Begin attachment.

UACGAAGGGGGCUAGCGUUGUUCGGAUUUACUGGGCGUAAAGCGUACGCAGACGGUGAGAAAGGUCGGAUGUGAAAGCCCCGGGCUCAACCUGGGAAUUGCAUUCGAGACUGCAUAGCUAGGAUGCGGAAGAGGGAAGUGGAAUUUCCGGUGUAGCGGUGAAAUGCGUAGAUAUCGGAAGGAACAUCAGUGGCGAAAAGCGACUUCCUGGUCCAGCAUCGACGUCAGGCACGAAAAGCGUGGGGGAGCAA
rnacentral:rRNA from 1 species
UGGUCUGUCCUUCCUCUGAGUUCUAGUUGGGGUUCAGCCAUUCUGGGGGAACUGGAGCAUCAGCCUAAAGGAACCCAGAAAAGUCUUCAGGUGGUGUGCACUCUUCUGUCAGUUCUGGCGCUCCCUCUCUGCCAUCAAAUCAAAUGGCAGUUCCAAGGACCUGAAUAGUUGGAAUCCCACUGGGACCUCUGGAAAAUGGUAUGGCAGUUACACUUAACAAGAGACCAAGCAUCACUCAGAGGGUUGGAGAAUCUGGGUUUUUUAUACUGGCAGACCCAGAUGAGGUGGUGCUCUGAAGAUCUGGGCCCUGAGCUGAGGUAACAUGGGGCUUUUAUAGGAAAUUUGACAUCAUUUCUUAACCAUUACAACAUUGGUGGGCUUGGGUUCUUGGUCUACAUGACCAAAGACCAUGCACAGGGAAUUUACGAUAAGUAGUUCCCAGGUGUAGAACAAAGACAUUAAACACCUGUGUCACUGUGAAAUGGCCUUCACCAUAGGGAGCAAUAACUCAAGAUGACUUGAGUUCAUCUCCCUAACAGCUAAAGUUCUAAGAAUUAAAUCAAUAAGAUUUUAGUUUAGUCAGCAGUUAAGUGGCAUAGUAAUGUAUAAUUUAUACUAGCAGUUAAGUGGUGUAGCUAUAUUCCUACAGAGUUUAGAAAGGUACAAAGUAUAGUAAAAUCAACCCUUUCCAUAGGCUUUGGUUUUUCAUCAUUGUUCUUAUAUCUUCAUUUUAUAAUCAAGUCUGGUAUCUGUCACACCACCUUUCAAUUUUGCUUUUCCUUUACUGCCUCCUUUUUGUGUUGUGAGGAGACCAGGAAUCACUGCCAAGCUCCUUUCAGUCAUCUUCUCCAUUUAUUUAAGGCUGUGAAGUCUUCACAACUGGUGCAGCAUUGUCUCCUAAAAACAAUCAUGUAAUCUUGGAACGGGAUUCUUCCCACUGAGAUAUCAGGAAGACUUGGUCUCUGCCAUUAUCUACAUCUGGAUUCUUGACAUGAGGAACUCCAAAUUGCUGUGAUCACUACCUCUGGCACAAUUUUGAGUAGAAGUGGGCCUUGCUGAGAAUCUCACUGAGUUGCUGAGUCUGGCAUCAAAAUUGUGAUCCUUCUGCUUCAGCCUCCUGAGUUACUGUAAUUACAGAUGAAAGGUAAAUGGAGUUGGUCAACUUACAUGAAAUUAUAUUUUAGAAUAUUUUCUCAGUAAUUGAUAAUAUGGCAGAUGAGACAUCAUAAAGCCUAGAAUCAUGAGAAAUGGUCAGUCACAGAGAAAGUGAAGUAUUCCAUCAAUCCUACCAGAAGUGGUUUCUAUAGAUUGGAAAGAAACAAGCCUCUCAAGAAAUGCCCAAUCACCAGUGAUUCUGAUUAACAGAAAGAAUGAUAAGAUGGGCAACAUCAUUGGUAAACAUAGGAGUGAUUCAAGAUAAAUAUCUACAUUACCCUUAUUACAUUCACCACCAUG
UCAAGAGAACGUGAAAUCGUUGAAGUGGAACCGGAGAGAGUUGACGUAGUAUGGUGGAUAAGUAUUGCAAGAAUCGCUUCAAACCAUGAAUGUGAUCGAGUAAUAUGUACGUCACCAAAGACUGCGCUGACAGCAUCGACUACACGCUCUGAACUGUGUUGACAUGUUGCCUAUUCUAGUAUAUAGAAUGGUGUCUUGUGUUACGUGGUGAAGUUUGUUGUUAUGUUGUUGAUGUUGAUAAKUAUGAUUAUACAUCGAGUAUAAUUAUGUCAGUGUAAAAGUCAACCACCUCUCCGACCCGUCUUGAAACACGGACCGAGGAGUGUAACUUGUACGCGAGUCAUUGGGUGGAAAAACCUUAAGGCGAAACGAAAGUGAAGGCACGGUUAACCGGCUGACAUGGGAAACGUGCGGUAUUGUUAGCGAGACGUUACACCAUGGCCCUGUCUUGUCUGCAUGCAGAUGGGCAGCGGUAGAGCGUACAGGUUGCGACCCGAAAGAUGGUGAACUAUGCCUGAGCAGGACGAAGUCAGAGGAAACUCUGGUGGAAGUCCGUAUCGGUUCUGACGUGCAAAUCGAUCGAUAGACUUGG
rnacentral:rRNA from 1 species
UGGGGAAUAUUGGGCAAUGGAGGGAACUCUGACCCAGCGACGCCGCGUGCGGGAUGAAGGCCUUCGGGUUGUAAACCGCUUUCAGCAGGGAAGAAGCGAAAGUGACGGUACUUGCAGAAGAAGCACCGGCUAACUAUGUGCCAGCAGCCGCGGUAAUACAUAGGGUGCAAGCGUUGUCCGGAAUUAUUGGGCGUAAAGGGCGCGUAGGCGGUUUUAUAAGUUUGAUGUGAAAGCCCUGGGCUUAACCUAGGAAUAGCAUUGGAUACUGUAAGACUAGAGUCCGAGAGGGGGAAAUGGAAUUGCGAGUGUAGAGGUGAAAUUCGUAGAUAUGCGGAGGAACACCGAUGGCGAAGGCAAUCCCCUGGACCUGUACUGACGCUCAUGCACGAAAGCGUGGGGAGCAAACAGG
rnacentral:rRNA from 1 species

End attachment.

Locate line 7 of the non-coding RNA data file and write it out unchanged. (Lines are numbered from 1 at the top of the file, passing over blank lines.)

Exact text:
rnacentral:rRNA from 1 species